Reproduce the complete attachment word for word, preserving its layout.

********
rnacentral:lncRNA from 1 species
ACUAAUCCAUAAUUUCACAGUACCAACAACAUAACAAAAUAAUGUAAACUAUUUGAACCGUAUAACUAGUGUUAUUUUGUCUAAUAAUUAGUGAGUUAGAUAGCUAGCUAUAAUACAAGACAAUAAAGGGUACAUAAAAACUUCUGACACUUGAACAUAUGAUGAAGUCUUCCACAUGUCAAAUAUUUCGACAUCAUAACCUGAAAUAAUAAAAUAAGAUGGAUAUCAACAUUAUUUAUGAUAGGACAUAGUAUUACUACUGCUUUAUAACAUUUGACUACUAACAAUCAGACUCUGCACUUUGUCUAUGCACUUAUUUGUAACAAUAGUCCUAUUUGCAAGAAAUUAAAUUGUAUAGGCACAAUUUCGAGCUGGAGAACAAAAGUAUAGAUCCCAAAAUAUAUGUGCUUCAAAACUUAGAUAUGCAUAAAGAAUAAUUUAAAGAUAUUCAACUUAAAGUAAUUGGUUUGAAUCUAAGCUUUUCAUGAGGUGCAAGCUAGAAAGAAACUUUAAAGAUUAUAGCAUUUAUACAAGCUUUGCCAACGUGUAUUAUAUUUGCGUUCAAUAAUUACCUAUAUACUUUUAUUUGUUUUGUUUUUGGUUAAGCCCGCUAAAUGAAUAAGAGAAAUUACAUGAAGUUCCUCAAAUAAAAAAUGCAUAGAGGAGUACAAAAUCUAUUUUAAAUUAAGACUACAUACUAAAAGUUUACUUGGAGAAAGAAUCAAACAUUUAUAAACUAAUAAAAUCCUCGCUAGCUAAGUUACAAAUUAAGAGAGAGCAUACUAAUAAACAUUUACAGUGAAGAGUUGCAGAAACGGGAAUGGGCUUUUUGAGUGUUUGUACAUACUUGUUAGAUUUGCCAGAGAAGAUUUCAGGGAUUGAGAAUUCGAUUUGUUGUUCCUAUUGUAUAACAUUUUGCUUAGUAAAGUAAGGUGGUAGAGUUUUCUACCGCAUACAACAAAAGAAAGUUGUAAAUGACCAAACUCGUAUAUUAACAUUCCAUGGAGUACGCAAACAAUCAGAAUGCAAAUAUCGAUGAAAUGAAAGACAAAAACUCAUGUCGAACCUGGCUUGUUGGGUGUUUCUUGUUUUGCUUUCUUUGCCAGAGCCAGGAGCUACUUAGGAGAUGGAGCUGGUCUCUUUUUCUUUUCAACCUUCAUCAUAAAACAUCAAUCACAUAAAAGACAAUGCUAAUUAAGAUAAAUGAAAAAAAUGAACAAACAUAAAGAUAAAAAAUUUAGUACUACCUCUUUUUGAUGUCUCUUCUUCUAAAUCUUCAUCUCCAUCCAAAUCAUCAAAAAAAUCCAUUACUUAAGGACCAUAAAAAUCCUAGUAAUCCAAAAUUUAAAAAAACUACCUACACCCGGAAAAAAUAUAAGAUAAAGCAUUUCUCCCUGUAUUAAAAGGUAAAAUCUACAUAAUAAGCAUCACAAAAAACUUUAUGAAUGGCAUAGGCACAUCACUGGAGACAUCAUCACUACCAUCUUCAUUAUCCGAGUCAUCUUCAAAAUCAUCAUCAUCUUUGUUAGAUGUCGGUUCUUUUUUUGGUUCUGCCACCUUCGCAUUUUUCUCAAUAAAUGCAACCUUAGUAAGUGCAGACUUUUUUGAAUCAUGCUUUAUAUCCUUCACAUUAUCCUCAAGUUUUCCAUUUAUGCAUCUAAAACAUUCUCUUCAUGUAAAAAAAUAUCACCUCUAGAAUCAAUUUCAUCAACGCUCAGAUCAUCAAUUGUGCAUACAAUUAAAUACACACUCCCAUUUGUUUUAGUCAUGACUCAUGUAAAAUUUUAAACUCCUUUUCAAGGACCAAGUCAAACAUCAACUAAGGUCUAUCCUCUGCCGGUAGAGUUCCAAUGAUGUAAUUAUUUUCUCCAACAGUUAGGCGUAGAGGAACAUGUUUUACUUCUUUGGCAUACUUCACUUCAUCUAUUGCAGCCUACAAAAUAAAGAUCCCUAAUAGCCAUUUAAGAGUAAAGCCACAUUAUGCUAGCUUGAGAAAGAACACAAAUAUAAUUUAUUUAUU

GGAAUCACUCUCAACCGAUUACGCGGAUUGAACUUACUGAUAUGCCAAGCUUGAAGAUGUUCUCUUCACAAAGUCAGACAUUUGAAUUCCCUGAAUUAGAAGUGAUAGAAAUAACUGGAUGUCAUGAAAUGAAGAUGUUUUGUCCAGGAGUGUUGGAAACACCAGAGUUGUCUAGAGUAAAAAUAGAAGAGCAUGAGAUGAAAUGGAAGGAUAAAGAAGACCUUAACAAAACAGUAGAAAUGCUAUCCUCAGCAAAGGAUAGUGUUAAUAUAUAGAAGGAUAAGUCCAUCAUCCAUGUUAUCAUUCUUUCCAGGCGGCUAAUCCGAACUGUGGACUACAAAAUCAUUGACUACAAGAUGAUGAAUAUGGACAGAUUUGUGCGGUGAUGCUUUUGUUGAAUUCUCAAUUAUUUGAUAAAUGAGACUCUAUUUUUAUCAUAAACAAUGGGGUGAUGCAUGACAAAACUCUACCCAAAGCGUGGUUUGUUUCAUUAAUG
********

rnacentral:lncRNA from 1 species
ACUAAUCCAUAAUUUCACAGUACCAACAACAUAACAAAAUAAUGUAAACUAUUUGAACCGUAUAACUAGUGUUAUUUUGUCUAAUAAUUAGUGAGUUAGAUAGCUAGCUAUAAUACAAGACAAUAAAGGGUACAUAAAAACUUCUGACACUUGAACAUAUGAUGAAGUCUUCCACAUGUCAAAUAUUUCGACAUCAUAACCUGAAAUAAUAAAAUAAGAUGGAUAUCAACAUUAUUUAUGAUAGGACAUAGUAUUACUACUGCUUUAUAACAUUUGACUACUAACAAUCAGACUCUGCACUUUGUCUAUGCACUUAUUUGUAACAAUAGUCCUAUUUGCAAGAAAUUAAAUUGUAUAGGCACAAUUUCGAGCUGGAGAACAAAAGUAUAGAUCCCAAAAUAUAUGUGCUUCAAAACUUAGAUAUGCAUAAAGAAUAAUUUAAAGAUAUUCAACUUAAAGUAAUUGGUUUGAAUCUAAGCUUUUCAUGAGGUGCAAGCUAGAAAGAAACUUUAAAGAUUAUAGCAUUUAUACAAGCUUUGCCAACGUGUAUUAUAUUUGCGUUCAAUAAUUACCUAUAUACUUUUAUUUGUUUUGUUUUUGGUUAAGCCCGCUAAAUGAAUAAGAGAAAUUACAUGAAGUUCCUCAAAUAAAAAAUGCAUAGAGGAGUACAAAAUCUAUUUUAAAUUAAGACUACAUACUAAAAGUUUACUUGGAGAAAGAAUCAAACAUUUAUAAACUAAUAAAAUCCUCGCUAGCUAAGUUACAAAUUAAGAGAGAGCAUACUAAUAAACAUUUACAGUGAAGAGUUGCAGAAACGGGAAUGGGCUUUUUGAGUGUUUGUACAUACUUGUUAGAUUUGCCAGAGAAGAUUUCAGGGAUUGAGAAUUCGAUUUGUUGUUCCUAUUGUAUAACAUUUUGCUUAGUAAAGUAAGGUGGUAGAGUUUUCUACCGCAUACAACAAAAGAAAGUUGUAAAUGACCAAACUCGUAUAUUAACAUUCCAUGGAGUACGCAAACAAUCAGAAUGCAAAUAUCGAUGAAAUGAAAGACAAAAACUCAUGUCGAACCUGGCUUGUUGGGUGUUUCUUGUUUUGCUUUCUUUGCCAGAGCCAGGAGCUACUUAGGAGAUGGAGCUGGUCUCUUUUUCUUUUCAACCUUCAUCAUAAAACAUCAAUCACAUAAAAGACAAUGCUAAUUAAGAUAAAUGAAAAAAAUGAACAAACAUAAAGAUAAAAAAUUUAGUACUACCUCUUUUUGAUGUCUCUUCUUCUAAAUCUUCAUCUCCAUCCAAAUCAUCAAAAAAAUCCAUUACUUAAGGACCAUAAAAAUCCUAGUAAUCCAAAAUUUAAAAAAACUACCUACACCCGGAAAAAAUAUAAGAUAAAGCAUUUCUCCCUGUAUUAAAAGGUAAAAUCUACAUAAUAAGCAUCACAAAAAACUUUAUGAAUGGCAUAGGCACAUCACUGGAGACAUCAUCACUACCAUCUUCAUUAUCCGAGUCAUCUUCAAAAUCAUCAUCAUCUUUGUUAGAUGUCGGUUCUUUUUUUGGUUCUGCCACCUUCGCAUUUUUCUCAAUAAAUGCAACCUUAGUAAGUGCAGACUUUUUUGAAUCAUGCUUUAUAUCCUUCACAUUAUCCUCAAGUUUUCCAUUUAUGCAUCUAAAACAUUCUCUUCAUGUAAAAAAAUAUCACCUCUAGAAUCAAUUUCAUCAACGCUCAGAUCAUCAAUUGUGCAUACAAUUAAAUACACACUCCCAUUUGUUUUAGUCAUGACUCAUGUAAAAUUUUAAACUCCUUUUCAAGGACCAAGUCAAACAUCAACUAAGGUCUAUCCUCUGCCGGUAGAGUUCCAAUGAUGUAAUUAUUUUCUCCAACAGUUAGGCGUAGAGGAACAUGUUUUACUUCUUUGGCAUACUUCACUUCAUCUAUUGCAGCCUACAAAAUAAAGAUCCCUAAUAGCCAUUUAAGAGUAAAGCCACAUUAUGCUAGCUUGAGAAAGAACACAAAUAUAAUUUAUUUAUU

GGAAUCACUCUCAACCGAUUACGCGGAUUGAACUUACUGAUAUGCCAAGCUUGAAGAUGUUCUCUUCACAAAGUCAGACAUUUGAAUUCCCUGAAUUAGAAGUGAUAGAAAUAACUGGAUGUCAUGAAAUGAAGAUGUUUUGUCCAGGAGUGUUGGAAACACCAGAGUUGUCUAGAGUAAAAAUAGAAGAGCAUGAGAUGAAAUGGAAGGAUAAAGAAGACCUUAACAAAACAGUAGAAAUGCUAUCCUCAGCAAAGGAUAGUGUUAAUAUAUAGAAGGAUAAGUCCAUCAUCCAUGUUAUCAUUCUUUCCAGGCGGCUAAUCCGAACUGUGGACUACAAAAUCAUUGACUACAAGAUGAUGAAUAUGGACAGAUUUGUGCGGUGAUGCUUUUGUUGAAUUCUCAAUUAUUUGAUAAAUGAGACUCUAUUUUUAUCAUAAACAAUGGGGUGAUGCAUGACAAAACUCUACCCAAAGCGUGGUUUGUUUCAUUAAUG